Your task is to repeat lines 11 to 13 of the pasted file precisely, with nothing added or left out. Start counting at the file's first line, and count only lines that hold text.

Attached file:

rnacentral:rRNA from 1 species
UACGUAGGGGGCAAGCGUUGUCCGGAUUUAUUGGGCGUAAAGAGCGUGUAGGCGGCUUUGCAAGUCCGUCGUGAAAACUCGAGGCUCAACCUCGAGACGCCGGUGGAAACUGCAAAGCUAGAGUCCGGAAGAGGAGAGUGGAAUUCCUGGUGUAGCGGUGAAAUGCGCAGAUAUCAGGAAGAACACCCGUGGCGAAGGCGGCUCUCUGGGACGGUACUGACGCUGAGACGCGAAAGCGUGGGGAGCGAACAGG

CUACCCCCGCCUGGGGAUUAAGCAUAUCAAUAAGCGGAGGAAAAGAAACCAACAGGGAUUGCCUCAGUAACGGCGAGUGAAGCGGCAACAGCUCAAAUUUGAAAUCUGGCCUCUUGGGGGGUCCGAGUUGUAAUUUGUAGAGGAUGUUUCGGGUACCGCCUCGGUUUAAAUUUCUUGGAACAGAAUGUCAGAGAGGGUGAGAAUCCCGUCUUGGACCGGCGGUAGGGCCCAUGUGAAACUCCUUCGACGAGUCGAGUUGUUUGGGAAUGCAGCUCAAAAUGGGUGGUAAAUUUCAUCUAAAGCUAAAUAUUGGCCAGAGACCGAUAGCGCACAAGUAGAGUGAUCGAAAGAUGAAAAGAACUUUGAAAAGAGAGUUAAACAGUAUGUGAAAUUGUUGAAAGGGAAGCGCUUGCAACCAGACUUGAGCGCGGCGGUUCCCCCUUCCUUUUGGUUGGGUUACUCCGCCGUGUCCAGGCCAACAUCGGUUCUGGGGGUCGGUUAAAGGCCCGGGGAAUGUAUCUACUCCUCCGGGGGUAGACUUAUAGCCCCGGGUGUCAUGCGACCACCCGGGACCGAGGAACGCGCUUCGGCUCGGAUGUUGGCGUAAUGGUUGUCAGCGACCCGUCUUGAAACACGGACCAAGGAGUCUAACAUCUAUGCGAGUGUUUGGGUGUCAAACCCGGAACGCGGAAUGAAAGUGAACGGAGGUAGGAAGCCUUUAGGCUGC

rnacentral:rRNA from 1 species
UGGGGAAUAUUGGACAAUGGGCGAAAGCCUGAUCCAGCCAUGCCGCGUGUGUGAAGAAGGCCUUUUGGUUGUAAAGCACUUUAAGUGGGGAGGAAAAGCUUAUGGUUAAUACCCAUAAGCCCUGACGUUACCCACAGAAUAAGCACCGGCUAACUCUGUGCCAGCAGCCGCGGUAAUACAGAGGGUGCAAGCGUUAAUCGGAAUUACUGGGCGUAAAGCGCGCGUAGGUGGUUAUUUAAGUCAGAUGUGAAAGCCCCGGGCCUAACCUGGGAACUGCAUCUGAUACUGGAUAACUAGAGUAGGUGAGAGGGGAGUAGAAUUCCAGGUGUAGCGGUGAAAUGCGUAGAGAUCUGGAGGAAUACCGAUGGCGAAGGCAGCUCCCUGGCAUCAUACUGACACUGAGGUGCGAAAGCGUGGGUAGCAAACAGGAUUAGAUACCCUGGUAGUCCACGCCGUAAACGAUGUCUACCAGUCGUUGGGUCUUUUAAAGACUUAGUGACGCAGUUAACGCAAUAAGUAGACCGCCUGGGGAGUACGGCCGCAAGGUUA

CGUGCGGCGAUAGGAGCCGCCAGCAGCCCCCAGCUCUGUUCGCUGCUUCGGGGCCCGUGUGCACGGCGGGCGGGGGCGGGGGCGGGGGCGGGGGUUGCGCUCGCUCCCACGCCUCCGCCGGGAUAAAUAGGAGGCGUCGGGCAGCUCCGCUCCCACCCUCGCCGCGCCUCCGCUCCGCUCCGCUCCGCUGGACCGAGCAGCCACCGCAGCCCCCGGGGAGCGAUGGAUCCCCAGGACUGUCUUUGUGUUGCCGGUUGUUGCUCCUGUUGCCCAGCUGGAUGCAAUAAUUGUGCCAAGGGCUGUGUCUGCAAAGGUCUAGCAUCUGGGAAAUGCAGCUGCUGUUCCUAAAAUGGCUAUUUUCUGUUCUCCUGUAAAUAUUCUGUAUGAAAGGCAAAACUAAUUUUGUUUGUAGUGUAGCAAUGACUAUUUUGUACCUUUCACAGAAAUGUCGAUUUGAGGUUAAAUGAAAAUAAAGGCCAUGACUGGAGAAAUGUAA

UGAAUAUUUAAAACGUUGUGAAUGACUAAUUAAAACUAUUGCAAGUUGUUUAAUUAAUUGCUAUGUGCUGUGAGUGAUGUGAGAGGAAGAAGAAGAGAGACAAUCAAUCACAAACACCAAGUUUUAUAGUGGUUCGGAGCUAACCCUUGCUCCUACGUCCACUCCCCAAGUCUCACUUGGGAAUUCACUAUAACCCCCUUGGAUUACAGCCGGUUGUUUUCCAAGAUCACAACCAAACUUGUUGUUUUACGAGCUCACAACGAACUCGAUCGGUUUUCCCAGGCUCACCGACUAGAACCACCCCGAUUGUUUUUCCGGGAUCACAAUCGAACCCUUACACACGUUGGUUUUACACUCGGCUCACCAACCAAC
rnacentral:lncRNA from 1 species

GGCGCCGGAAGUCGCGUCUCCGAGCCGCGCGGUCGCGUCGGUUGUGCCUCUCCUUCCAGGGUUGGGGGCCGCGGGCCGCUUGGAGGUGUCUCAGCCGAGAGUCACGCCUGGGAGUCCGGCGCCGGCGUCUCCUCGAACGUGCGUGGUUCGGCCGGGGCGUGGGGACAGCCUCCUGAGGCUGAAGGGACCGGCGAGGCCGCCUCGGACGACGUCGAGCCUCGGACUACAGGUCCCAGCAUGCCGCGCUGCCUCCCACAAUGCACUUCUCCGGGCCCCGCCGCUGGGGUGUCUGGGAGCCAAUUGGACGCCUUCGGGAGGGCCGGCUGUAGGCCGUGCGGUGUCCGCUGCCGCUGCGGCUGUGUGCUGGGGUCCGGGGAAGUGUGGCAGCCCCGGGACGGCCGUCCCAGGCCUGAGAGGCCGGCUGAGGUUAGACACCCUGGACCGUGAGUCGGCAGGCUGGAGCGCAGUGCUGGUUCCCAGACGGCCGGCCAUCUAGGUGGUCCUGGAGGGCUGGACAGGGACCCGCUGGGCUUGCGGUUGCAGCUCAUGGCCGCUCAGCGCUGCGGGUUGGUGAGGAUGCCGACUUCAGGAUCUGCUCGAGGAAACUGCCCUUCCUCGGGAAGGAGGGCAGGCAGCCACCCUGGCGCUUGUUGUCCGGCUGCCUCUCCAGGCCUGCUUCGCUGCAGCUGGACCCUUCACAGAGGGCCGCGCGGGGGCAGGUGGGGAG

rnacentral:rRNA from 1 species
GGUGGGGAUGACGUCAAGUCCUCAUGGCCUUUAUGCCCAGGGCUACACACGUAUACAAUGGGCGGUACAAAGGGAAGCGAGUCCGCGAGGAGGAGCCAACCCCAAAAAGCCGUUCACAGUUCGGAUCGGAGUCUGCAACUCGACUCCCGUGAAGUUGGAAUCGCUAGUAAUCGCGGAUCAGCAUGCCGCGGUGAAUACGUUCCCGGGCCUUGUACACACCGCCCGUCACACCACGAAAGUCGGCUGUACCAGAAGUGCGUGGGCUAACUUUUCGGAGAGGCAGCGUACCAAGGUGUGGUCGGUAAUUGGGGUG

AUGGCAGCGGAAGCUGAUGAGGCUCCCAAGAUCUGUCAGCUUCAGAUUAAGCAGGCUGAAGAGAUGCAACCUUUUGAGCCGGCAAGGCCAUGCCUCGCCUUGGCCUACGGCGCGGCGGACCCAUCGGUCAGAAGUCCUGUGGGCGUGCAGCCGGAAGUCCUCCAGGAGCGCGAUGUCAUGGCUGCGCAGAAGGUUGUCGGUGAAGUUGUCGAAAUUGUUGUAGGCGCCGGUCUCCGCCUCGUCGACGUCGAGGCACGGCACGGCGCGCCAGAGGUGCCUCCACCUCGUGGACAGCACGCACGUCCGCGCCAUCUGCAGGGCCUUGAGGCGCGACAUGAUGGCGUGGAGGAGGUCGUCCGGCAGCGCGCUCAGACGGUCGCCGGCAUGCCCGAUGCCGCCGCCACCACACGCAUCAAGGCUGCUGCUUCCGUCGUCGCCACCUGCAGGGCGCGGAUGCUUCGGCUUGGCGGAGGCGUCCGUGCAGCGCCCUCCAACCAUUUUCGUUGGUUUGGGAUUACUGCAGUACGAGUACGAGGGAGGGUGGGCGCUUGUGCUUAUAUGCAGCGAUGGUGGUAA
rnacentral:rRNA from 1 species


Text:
GGUGGGGAUGACGUCAAGUCCUCAUGGCCUUUAUGCCCAGGGCUACACACGUAUACAAUGGGCGGUACAAAGGGAAGCGAGUCCGCGAGGAGGAGCCAACCCCAAAAAGCCGUUCACAGUUCGGAUCGGAGUCUGCAACUCGACUCCCGUGAAGUUGGAAUCGCUAGUAAUCGCGGAUCAGCAUGCCGCGGUGAAUACGUUCCCGGGCCUUGUACACACCGCCCGUCACACCACGAAAGUCGGCUGUACCAGAAGUGCGUGGGCUAACUUUUCGGAGAGGCAGCGUACCAAGGUGUGGUCGGUAAUUGGGGUG

AUGGCAGCGGAAGCUGAUGAGGCUCCCAAGAUCUGUCAGCUUCAGAUUAAGCAGGCUGAAGAGAUGCAACCUUUUGAGCCGGCAAGGCCAUGCCUCGCCUUGGCCUACGGCGCGGCGGACCCAUCGGUCAGAAGUCCUGUGGGCGUGCAGCCGGAAGUCCUCCAGGAGCGCGAUGUCAUGGCUGCGCAGAAGGUUGUCGGUGAAGUUGUCGAAAUUGUUGUAGGCGCCGGUCUCCGCCUCGUCGACGUCGAGGCACGGCACGGCGCGCCAGAGGUGCCUCCACCUCGUGGACAGCACGCACGUCCGCGCCAUCUGCAGGGCCUUGAGGCGCGACAUGAUGGCGUGGAGGAGGUCGUCCGGCAGCGCGCUCAGACGGUCGCCGGCAUGCCCGAUGCCGCCGCCACCACACGCAUCAAGGCUGCUGCUUCCGUCGUCGCCACCUGCAGGGCGCGGAUGCUUCGGCUUGGCGGAGGCGUCCGUGCAGCGCCCUCCAACCAUUUUCGUUGGUUUGGGAUUACUGCAGUACGAGUACGAGGGAGGGUGGGCGCUUGUGCUUAUAUGCAGCGAUGGUGGUAA
rnacentral:rRNA from 1 species